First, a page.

Two ESPN Analysts Are Predicting A Major Upset Tomorrow

first_imgA general view of Colorado's football field during a game.BOULDER, CO – NOVEMBER 03: A general view of the stadium as the Stanford Cardinal face the Colorado Buffaloes at Folsom Field on November 3, 2012 in Boulder, Colorado. The Cardinal defeated the Buffaloes 48-0. (Photo by Doug Pensinger/Getty Images)Week 11 of the college football season kicked off on Thursday night with a major upset. Wake Forest traveled to North Carolina to take on the NC State Wolfpack in an All-ACC affair.The Demon Deacons used a late touchdown to take a 27-23 lead and the intercepted a pass from Wolfpack quarterback Ryan Finley to ice the game. It was just the second loss of the season for No. 14 NC State.That games serves as a nice appetizer for the upcoming Saturday slate of games. Before those games kick off, ESPN’s panel of experts revealed their picks for the weekend’s biggest games.Among the picks were two major upset picks.Edward Aschoff and David Hale both predict Colorado will take down No. 8 Washington State on Saturday afternoon.The Cougars enter this game with just one loss on the season – a field goal loss at USC. Can the Buffaloes end their four-game skid and finally get back in the win column?Washington State and Colorado kick off on Saturday at 3:30 p.m. ET on ESPN.last_img read more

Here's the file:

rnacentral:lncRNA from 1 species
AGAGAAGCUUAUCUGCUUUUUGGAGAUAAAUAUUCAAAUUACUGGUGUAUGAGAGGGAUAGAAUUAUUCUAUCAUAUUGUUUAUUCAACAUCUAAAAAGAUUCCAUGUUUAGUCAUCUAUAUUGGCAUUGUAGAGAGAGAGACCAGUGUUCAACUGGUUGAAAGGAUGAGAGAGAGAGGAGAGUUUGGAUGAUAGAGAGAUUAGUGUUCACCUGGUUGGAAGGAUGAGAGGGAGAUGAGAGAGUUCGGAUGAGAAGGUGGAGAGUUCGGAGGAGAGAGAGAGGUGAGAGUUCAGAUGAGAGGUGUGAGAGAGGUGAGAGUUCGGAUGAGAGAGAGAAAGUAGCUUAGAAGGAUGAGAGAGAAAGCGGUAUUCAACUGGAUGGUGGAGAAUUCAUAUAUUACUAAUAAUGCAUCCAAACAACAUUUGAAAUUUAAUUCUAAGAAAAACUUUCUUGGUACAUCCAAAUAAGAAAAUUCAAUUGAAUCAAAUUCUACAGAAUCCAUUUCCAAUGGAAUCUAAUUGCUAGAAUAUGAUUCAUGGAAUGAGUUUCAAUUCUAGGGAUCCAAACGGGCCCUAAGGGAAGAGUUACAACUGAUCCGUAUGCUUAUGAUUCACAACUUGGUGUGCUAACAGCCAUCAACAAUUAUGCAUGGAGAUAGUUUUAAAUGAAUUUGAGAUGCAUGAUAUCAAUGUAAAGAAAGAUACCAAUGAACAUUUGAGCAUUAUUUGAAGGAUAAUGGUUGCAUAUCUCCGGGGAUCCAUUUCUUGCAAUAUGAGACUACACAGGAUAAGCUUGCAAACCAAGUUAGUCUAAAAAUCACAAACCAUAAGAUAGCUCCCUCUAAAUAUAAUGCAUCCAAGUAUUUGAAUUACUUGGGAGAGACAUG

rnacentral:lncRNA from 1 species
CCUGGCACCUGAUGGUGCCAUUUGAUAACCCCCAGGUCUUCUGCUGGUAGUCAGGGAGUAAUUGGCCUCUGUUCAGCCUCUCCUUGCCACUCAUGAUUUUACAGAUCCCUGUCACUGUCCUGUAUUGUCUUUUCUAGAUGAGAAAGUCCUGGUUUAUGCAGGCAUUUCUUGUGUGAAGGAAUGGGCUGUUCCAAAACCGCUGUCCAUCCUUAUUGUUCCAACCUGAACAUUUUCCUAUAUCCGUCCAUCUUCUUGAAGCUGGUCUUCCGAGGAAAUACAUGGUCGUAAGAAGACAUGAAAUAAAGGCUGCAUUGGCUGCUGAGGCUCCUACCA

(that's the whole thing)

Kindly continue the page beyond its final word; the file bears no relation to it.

400 child abuse cases reported for 2019

Share this:Click to share on Twitter (Opens in new window)Click to share on Facebook (Opens in new window)Related20-30% of children sexually abused in Guyana – UNICEFJuly 30, 2019In “Crime”Sexual Offences Court launched in BerbiceMay 8, 2019In “latest news”Children’s Court to be established after passage of new Juvenile Offences Bill – Acting ChancellorFebruary 21, 2018In “latest news” Even though the year is only three months in, there have been roughly 400 reports of child abuse.This was revealed on Tuesday when the University of Guyana teamed with the Judiciary and UNICEF Guyana to launch a Forensic Psychology and Sexual Offences special training series.Country Representative of UNICEF Guyana, Sylvie Fouet said the statistics are alarming and noted that a link between law and science will go a long way in changing the way Guyana deals with child abuse cases particularly as it relates to sexual violence.The Forensic Psychology and Sexual Offences Special Training Series, which was launched on Tuesday, is an 8-module course being offered by UG.Dean of the Faculty of Health Sciences, Dr. Emanuel Cummings, emphasised the importance that DNA plays in sexual offences cases as they look to improve the local criminal justice system.“Evidence can make or break the outcome of a sexual offence case,” he explained.Meanwhile, acting Chancellor of the Judiciary, Justice Yonette Cummings-Edwards, recognised the impact insensitive treatment has on the victims especially within the criminal justice system.“Victims not only require support services but they also need to be treated with fairness and respect for their dignity and privacy,” she stated.A United Nations study states that Guyana has the second highest rate of sexual violence in Latin America and the Caribbean. read more